What Is Gaslighting And How to Deal with It?
Gaslighting is a form of emotional abuse in which the abuser makes the victim question their reality and judgment and make them believe maybe they are going crazy or everything is their fault. Gaslighting is not just limited to relationships and marriage but can also exist in other relationships such as toxic family culture or controlling friendships. Toxic people practise this behaviour to exert dominance on their significant other, family or friends.
We all at some point or the other have been gaslit in our lives by someone close where we started questioning ourselves and our judgments. It is necessary to identify the gaslighting behaviour and shut it down because it can have long-term psychological and emotional, and sometimes physical effects.
Signs of Gaslighting
- You ask yourselves if you are too sensitive throughout the day.
- You no longer feel like yourself.
- They tell you white lies.
- You start doubting your reality.
- You feel confused and always second guess yourself.
- You are always apologising.
- Knowing that something is wrong but not being able to identify it.
- They are dismissive of your feelings.
- Find it difficult to make simple choices.
- You don’t feel happy or joyous anymore out of the blue.
- Always questioning if your response to the abusive person is okay or will it offend them.
To make you more familiar with this situation here are the stages involved in gaslighting, the order can vary from person to person:
- Lie and exaggerate: They make a negative narrative around the victim. For example, This employee is useless and annoying and he needs to know it. These accusations are usually based on assumptions and presumptions while ignoring the facts and objectives making the victim defensive.
- Repetition: The abuser repeatedly makes false accusations and narratives around the victim to stay on the offence and be the dominant person in the relationship.
- Escalate when called out: When they are confronted with the lies they become very defensive and try to put all the blame on you. For example, when you ask your significant other about seeing them out in a restaurant with someone else and they try to turn it on you by asking what you were doing in that restaurant and you are the one who is probably cheating on them and seeing them there must just be your imagination.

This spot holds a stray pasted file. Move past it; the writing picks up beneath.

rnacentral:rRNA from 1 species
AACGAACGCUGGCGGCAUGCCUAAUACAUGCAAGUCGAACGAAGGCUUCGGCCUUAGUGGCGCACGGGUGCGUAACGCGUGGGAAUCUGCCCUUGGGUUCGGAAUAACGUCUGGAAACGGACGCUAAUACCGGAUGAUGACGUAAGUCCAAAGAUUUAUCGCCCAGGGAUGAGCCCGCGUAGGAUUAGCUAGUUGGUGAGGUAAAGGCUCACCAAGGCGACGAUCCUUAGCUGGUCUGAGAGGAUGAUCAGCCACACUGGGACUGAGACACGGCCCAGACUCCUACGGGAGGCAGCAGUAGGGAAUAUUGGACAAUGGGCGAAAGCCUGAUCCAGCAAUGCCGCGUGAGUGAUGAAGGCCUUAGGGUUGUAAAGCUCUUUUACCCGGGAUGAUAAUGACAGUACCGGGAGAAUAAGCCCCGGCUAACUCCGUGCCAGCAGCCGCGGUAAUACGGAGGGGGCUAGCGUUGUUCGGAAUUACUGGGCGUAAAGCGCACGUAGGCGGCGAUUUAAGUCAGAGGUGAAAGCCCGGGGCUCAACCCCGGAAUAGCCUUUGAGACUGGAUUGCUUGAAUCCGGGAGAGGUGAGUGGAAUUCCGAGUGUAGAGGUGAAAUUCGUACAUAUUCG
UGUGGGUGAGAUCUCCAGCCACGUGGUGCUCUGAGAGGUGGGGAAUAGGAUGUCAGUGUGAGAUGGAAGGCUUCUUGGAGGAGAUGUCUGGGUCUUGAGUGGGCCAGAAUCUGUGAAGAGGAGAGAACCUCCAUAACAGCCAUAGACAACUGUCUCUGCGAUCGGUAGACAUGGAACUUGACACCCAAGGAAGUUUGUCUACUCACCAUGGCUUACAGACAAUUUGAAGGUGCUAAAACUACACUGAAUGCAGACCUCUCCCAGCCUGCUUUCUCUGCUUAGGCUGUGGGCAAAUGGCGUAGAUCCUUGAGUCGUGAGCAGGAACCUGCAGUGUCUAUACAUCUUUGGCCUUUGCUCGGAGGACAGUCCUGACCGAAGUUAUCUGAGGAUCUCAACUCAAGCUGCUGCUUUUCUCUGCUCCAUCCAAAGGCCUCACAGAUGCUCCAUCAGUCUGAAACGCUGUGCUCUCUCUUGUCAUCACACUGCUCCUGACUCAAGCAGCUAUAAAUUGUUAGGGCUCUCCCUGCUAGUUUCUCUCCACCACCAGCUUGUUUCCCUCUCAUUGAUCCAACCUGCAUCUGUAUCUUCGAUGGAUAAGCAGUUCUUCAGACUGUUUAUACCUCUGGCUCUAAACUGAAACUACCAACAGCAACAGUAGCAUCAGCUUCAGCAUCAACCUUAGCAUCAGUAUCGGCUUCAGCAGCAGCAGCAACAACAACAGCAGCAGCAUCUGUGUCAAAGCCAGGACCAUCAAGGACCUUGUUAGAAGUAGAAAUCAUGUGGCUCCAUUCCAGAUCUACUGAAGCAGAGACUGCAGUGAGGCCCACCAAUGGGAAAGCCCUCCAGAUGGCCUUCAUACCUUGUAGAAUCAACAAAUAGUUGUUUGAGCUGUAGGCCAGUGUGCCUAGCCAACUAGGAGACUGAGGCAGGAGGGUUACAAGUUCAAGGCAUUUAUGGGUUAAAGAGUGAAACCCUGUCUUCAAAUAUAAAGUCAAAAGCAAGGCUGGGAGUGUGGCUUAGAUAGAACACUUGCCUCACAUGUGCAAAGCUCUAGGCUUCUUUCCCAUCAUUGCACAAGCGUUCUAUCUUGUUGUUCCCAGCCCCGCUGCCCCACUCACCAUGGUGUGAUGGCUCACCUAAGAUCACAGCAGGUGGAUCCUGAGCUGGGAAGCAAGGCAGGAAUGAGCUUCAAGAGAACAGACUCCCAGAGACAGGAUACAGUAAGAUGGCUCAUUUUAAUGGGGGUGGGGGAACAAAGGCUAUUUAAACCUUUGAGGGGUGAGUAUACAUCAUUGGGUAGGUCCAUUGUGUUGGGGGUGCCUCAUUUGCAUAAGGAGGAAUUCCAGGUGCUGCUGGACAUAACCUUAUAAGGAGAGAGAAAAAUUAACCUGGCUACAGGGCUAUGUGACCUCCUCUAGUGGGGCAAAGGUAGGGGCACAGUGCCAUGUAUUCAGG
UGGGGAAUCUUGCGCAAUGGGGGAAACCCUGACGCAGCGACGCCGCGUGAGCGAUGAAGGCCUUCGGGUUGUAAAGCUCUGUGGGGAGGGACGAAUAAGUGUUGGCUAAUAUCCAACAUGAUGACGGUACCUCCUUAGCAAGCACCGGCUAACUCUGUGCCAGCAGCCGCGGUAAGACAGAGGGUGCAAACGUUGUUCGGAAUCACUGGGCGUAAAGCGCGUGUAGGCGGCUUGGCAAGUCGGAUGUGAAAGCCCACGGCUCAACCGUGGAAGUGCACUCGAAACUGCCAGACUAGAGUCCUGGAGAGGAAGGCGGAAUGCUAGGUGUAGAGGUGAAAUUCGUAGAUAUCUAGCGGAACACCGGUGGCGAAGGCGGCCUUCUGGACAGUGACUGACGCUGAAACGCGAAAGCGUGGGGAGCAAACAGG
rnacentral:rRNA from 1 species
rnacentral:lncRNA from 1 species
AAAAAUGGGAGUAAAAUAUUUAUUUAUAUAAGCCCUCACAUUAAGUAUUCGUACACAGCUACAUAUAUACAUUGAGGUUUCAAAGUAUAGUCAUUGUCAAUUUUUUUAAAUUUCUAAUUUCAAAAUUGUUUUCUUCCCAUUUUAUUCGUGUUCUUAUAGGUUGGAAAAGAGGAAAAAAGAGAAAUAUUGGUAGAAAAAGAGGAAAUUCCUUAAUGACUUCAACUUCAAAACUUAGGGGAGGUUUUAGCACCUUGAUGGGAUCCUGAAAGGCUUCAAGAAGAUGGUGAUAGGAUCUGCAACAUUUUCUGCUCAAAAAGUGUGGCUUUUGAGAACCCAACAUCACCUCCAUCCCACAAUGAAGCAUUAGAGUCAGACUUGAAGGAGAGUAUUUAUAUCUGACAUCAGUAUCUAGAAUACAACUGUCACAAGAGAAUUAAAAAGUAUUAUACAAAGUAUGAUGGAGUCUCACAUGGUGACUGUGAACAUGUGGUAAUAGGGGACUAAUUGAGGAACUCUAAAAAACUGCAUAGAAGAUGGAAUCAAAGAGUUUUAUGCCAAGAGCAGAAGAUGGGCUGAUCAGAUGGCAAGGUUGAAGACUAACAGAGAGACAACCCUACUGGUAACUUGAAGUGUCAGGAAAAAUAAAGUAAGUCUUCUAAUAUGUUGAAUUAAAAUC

- Wear out the victim: The abuser continuously being on the offence can wear out the victim and make them pessimistic, fearful, discouraged and self-doubting. For example, in the earlier example, the victim can start feeling that they saw a different person rather than the abuser in the restaurant and maybe it was just their imagination.
- Form a codependent relationship: The gaslighter makes the victim feel insecure and dependent by continuously questioning their reality and blaming/ attacking them emotionally. The relationship is formed on vulnerability, fear and insecurity.
- Give false hope: From time to time they might treat the victim with mildness, superficial kindness and moderation to give them false hope and keep them tied by a tightrope emotionally. The victim might start thinking that maybe the abuser is not that bad and hang around.
- Dominate and Control: The ultimate motive of a pathological gaslighter is to dominate and control from a single person to large groups of people. By making the victims questioning themselves and their actions the gaslighter gets an upper hand and the freedom to assert dominance.
How to stop it?
- Identify the problem: Identify and name what is going on between the gaslighter and you.
- Sort out the truth from lies and distortion: Write down your fights, conversations and arguments in a diary and then analyze and fact check them. Look for signs of gaslighting.
- Notice the patterns: Take the journal and analyze the 7 days conversation and mark the repetitive blaming and offensive actions in the conversations and analyze the red flags.
- Talk to someone from the outside of the relationship: Vent to a close friend, family or someone close and ask for their perspective on the issues.
- Engage in a mental exercise for a mind shift: Imagine yourself without this toxic person in your life, it might be difficult due to the codependent relationship they have created and also might cause you anxiety but imagine all the positive aspects and freedom you will get back.
- Focus on yourself: Self-care and self-love are much needed during this process. Make yourself your highest priority and start focusing on the healing process. Do not take it as a sprint because it is like a long marathon, an ongoing process and it can take time.
- Trust your intuition: Stop weighing on what’s wrong and what’s right, instead of doing what feels right to you in your head and heart. Give yourself permission to trust yourself.
Sometimes gaslighting can cause deep emotional and psychological trauma which cannot be healed by these methods. Therefore, allow yourself to seek professional help at those times.